Reading today's coverage of the Republican straw poll at the Iowa State Fair yesterday, we were struck by the utter ridiculousness of the system: Voters have to pay to vote, campaigns often pick up the tab for their supporters, Mitt Romney spent the most money, and the winner was — would you believe? — Mitt Romney. We were also struck by Mike Huckabee, the formerly fat former Arkansas governor who somehow impressed the political commentariat by coming in a distant second to Romney, with a whopping 2,587 votes. Thing is, we realized, Mike Huckabee can never become president. He's clearly 24's traitorous, murderous (and perhaps murdered) President Charles Logan. And that dude's First Lady is crazy.
For a Joke-Telling Candidate, a Second-Place Finish [NYT]
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Last month, fans argued about whether Tony Soprano was killed at the end of The Sopranos. This month, fans are eagerly flipping to the end of Harry Potter and the Deathly Hallows to see whether Harry snuffs it. In honor of those two cliffhangers, Vulture presents its list of ten fictional characters we definitely want to see die.
Supreme Court justice Antonin Scalia is, not surprisingly, a fan of Jack Bauer's 24 torture techniques. Mark Green is set to join Al D'Amato and Ed Koch on NY1's Inside City Hall program. Jeanine Pirro is set to star in a Judge Judy–esque show. Ellen Barkin and Ralph Fiennes have been canoodling. Knicks point guard Stephon Marbury gave $300 to a homeless man. The Olsen twins trekked to Atlantic City for a Bob Dylan concert. The late Kurt Vonnegut has a role in an upcoming DVD. A gay former CBS News producer filed a $10 million discrimination suit against his former employer because he felt the network didn't want his gay-bashing in St. Maarten to be publicized. Aussie golfer Greg Norman and his ex-wife-to-be have finally come to (undisclosed) terms on how to split up his $500 million fortune. Patti LaBelle didn't need a mike to wow a Carnegie Hall audience.
Last night's double-length 24 meant twice the time to finally wind up this season's plotlines — or twice the chance for ridiculousness. Would they take the responsible route and finally let us know whether Palmer is alive or dead? Whether Logan is alive or dead? Whether Audrey will ever say anything other than "Help me, Jack, please don't let them do this to me"? How the Russian president turned in like three hours from best buds with crazy Mrs. Logan to the guy ready to start World War III? Alas, the answers there are nope, nope, nope, and nyet. Instead, dirty old Veep Daniels absurdly led the country further down his reckless path of destruction. Over at Vulture, Ben Wasserstein runs the finale through the Absurd-o-Meter.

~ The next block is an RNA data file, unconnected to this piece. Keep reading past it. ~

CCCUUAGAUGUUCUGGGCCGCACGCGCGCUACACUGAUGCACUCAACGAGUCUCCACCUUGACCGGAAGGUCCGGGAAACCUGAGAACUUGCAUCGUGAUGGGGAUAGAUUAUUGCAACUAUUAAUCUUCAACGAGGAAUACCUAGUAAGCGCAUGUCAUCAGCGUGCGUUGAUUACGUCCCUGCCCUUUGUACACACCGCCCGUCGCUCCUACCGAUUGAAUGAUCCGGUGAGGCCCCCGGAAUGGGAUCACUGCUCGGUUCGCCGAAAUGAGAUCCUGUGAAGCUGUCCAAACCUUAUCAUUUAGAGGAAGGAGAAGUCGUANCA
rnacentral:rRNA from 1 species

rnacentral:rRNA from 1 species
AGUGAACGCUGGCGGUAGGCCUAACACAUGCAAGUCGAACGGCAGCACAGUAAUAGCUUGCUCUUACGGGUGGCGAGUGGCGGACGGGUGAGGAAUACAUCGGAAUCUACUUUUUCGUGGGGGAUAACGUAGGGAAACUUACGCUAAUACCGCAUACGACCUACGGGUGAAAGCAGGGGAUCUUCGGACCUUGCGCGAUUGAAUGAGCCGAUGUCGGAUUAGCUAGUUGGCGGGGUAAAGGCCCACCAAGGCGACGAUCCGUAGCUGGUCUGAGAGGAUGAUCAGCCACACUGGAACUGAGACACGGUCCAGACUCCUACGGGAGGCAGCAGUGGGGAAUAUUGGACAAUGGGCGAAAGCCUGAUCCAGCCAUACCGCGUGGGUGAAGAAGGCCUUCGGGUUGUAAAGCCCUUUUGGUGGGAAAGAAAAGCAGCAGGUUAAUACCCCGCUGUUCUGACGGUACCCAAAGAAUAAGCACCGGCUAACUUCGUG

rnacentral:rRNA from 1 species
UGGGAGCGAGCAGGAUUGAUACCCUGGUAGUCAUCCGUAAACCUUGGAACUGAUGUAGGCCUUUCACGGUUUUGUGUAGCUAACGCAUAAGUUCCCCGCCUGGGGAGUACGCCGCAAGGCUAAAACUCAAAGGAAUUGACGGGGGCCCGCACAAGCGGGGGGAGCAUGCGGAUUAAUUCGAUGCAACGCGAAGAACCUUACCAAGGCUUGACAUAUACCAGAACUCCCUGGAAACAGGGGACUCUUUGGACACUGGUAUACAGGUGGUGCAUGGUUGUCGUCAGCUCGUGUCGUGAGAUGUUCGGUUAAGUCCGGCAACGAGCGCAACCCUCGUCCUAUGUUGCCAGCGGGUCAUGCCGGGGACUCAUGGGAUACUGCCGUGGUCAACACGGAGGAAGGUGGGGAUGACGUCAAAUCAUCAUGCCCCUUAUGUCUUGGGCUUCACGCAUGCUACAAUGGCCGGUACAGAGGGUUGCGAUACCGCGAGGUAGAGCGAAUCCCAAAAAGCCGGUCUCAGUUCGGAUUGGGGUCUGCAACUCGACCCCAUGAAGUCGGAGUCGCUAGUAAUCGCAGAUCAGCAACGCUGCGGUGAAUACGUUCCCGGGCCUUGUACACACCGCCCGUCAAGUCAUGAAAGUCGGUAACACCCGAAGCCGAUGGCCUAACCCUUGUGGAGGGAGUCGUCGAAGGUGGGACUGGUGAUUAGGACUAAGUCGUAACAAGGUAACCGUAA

The ‘24’ Absurd-o-Meter: So Long, Jack Bauer. Until We Meet Again. [Vulture]
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Maybe John Kerry's right, and environmentalism truly isn't a partisan issue anymore. How else to explain the latest passenger on the bandwagon, Rupert Murdoch, who has just promised to take his News Corporation carbon-neutral within four years? An ultracheery news item — in the Post, of course — breaks down the massive undertaking into smaller initiatives. For instance, the 20th Century Fox lot will switch to solar-powered golf carts. The 24 crew will use biodiesel-powered generators for outdoor scenes. (That must well complement the show's commitment to recycling: How many times has Jack gone rogue? CTU been invaded? Vice-president conspired?) Apparently this should go a long way toward negating the 641,150 tons of carbon News Corp. belched out in 2006 alone. But environmentally friendly explosions aside, we can't help but notice one little problem.
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Oh, 24, how hard you make it to love thee. In this week's installment of an increasingly horribly ridiculous season, we learn that vice-presidential aide and paramour Lisa Miller is entirely incapable of excusing herself to go to the bathroom, that CTU L.A. is shockingly easy to break into, and that Jack Bauer's mishpocheh have spent hours hanging around easily invadable CTU for no discernible reason. (All the better to capture you from, my dears?) Come on, Absurd-o- Meter, spell it out for us.
The ‘24’ Absurd-o-Meter: Easier to Get Into Than Lisa Miller's Pants [Vulture]
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We ran into Reiko Aylesworth, who used to play CTU agent Michelle Dessler on 24, at a party for the new Philip Seymour Hoffman play, Jack Goes Boating, recently. And so we realized we had a perfect opportunity to get some expert insight on our 24 Absurd-o-Meter, which she confessed she hadn't seen.
Did you ever read a script and just blurt out, "What the hell?!"
Oh, we would do that, probably every other day. There's a lot of stuff that gets to us, and we say, "Oh, come on." And it actually doesn't even air. There were things that they wanted to do with my character …
Oh, like, suicide. Within the course of 24 hours, I become suicidal.
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